"People are just starting to realize that last year we were 13-3 and (that) we're sitting here with an opportunity to be in the same spot," wide receiver Marques Colston said.
Well, it's not quite that simple. Last season, New Orleans came out of the gate taking names and ripping off 13-straight wins before coasting to the finish line, then pushing to Super Bowl history. This season, the Saints lost three of their first seven games to cast doubt on their ability to repeat.
Not anymore. After a numbing loss to Cleveland, the Saints have been on a scary tear, scoring 30.4 points a game and winning five straight. As much as we assume it's been quarterback Drew Brees or the return of Reggie Bush that's generated the offensive push, the understated Colston has been a huge factor.
On the season, he has 71 catches, a total that not only is tied for fourth in the NFL, but also might surprise a lot of folks since Colston is producing without any fanfare. Colston also has surpassed his output from last season (70 receptions), has his second-highest total and is pushing toward his career-best mark (98 catches in 2007).
Colston, whose lack of notoriety is in large part due to his quiet nature, stalled for a second when I asked him about his recent run, as if he was tempted to go a little Ochocinco, but he reverted back to what got him here: Humility.
"It's a result of a lot of things, but I owe what's gone on to a lot of people," he said, sounding as if he'd just won a Grammy.
His run, actually, is a byproduct of him finding more ways to get open and the Saints making an effort to get him the ball.
Saints Coach Sean Payton said he's made a point to put pressure on defenses with Colston by moving him to different receiver positions they haven't used before. The luxury to have Colston being highly cerebral and a matchup nightmare at 6-foot-5, 225 pounds, has put Colston in positions where he ends up being Brees' primary option.
"The last few weeks he's been real important to what we're' doing," Payton said. "We're mixing up some formations. The game mentally comes so easy to him, it gives him position flexibility and versatility."
In the Saints' diverse offense, their typically is a different player who stands out each week. Colston is on a roll, though.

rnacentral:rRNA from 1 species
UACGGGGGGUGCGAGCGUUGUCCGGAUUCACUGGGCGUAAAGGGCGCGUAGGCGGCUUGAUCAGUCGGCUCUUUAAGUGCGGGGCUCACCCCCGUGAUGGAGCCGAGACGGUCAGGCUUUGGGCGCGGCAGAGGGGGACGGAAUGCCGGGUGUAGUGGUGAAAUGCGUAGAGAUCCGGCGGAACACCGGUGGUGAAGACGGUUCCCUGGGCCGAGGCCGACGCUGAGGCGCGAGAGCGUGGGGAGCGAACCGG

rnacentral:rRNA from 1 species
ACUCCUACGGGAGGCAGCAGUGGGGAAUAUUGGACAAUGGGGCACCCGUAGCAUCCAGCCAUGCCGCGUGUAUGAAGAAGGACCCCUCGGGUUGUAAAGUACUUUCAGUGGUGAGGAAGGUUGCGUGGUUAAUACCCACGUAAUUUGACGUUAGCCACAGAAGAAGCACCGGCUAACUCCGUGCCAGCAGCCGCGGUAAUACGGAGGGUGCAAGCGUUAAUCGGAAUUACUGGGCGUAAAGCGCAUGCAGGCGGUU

Defenses also have changed. During the Saints' so-so start, opponents clearly opted not to allow New Orleans any big plays, hence Colston struggling to hit double-digit yards per reception on occasion and only topping 100 yards in a 10-catch loss to Cleveland.
"There was a lot of emphasis early, one where teams weren't letting us get the big chunks of yardage downfield," Colston said. "Any time you win a Super Bowl, teams become a case study, where teams study what you do and how to stop it. What's changed has been that we've got our running game back and that's allowed us to start making plays downfield."
Colston said that New Orleans didn't change its offense at all when things weren't clicking. Instead, the approach was to "chip away" and eventually, things would break. They have and with Bush back in the mix and Pierre Thomas possibly returning soon, things shouldn't slow down.
Colston said the Saints' offense isn't complete enough yet to look past the Rams, a hungry team that could either buckle under the intimidation of the playing in the Superdome or give New Orleans a heck of a game because it's on a roll as well. Colston figures to continue to be a major factor in the offense, but with him being such a force, he's also well aware that he could be the focus of defenses and his production could begin to wane.
"It's all about winning games," he said. "Whatever it takes to win."
That's Colston. Plain. Simple. Good.